On June 29, a suicide attack shook the headquarters of the Sahel's five-nation anti-terror force, failing to inflict major damage but exposing the fragility of the much-trumpeted scheme.
Countries in the G5 Sahel -- Burkina Faso, Chad, Mali, Mauritania, Niger -- joined with France, the big international backer of the force, in vowing not to surrender to fear.
The attack killed three people, two of them soldiers, and wrecked the entrance to the base, located in the central Malian town of Sevare.
"Despite the striking visual damage, its impact was limited," France's military HQ said. "It did not affect the capacity and determination of the joint force."
But Nicolas Desgrais, a researcher on military cooperation in the Sahel at Britain's University of Kent, argued that the brazen attack delivered "a huge symbolic message."
"Even if it is not where the force's soldiers are based, it is the central command base, where operations are planned and carried out," he said.
The consequences for deployment of the force, launched last September. could be significant, Desgrais warned.
"How do you ask a partner for help when you can't even keep your own central command base safe?" said Desgrais, referring to G5 efforts to raise financial support.
- Assessment -
The main figures behind the G5 Sahel project have signalled the need for a cold-blooded evaluation.
"If the base was attacked, it means there are many failures we need to take care of," Mauritanian President Mohamed Ould Abdel Aziz said on the day after the raid.
After an African Union summit in Nouakchott early in July, the force's military chief, Malian General Didier Dacko, and his Burkinabe deputy were replaced by a Mauritanian and a Chadian general.
Dacko's successor is General Hanena Ould Sidi, who ran military intelligence in Mauritania, a field where G5 has been found to be sorely lacking, the UN and experts say.
His deputy is Chadian general Oumar Bikimo, who led his country's forces to fight jihadists in Mali in 2013.
The reshuffle "shows the heads of state of the other G5 countries and the French president insisted on real changes being made", Desgrais told AFP.
But he said leaders also seem aware that they may have been over-ambitious in their initial plans.
In March, the G5 Sahel was supposed to have reached its full strength of 5,000 troops, pooled from the five Sahel nations.
But this goal is still 1,000 men short of being reached, and the group's few operations have had to rely heavily on French help and had little real impact against the jihadists.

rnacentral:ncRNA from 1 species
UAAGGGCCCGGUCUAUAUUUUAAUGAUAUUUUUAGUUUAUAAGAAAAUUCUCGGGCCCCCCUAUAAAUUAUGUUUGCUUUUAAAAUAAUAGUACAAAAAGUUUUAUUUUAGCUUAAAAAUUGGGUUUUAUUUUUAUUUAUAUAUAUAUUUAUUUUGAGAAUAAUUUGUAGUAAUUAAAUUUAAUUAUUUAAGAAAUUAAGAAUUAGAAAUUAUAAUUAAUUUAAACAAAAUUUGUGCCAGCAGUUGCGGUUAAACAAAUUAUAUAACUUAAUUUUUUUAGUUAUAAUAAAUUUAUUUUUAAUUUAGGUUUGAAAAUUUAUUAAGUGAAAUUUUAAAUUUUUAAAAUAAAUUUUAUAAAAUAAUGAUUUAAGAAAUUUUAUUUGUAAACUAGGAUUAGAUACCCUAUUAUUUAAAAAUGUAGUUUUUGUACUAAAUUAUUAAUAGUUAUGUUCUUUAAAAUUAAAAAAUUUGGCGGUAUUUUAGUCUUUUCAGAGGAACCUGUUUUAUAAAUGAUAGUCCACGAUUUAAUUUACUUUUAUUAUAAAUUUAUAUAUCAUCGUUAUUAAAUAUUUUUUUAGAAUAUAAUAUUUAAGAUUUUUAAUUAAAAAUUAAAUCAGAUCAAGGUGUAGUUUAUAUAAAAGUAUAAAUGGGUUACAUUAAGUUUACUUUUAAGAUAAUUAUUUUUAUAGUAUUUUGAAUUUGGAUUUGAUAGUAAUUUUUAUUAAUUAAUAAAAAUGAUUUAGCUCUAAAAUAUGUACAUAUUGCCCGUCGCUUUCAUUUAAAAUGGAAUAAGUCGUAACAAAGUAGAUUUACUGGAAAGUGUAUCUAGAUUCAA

"The will to deploy the force and ramp it up very quickly" did not match the limited capacity of African armies belonging to some of the world's poorest states, Desgrais said.
The G5 armies serve countries that are "relatively poor, which therefore don't have the technical means, our material means, our training," said General Bruno Guibert, commander of Operation Barkhane, France's military mission in the Sahel.
On Thursday, French Defence Minister Florence Parly arrived in Niger for talks with her Nigerien counterpart Kalla Moutari and President Mahamadou Issoufou about boosting the force's "operational dynamics."
She also met soldiers in Operation Barkhane and visited the central region command headquarters of the G5 force in Niamey.
- 'Human intelligence' -
The G5 Sahel initiative has raised pledges of 420 million euros ($490 million) at international donors' meetings, but the funds are slow to arrive.
French support is significant. Paris plans to provide Operation Barkhane with additional resources next year including helicopters, drones, missiles and tanks, according to the French defence ministry.
Saudi Arabia has promised 100 million euros to buy equipment for G5 Sahel from the French military industry, according to a source from the French ministry of the armed forces.
Beyond these geo-strategic questions, though, are the crucial issues of effectiveness on the ground.
Any human rights abuses, such as the arbitrary killing of 12 civilians in May by a G5 unit in central Mali -- which was denounced by the United Nations -- risk turning the population against it.
"Unfortunately, in all these regions, residents are increasingly hostages to the jihadists," said Mahamat Saleh Annadif, who heads the UN mission in Mali (MINUSMA).
According to Desgrais, without the population's support, "you cannot have human intelligence, and you can hardly carry out operations in these areas without risking information being given to the groups you are trying to fight."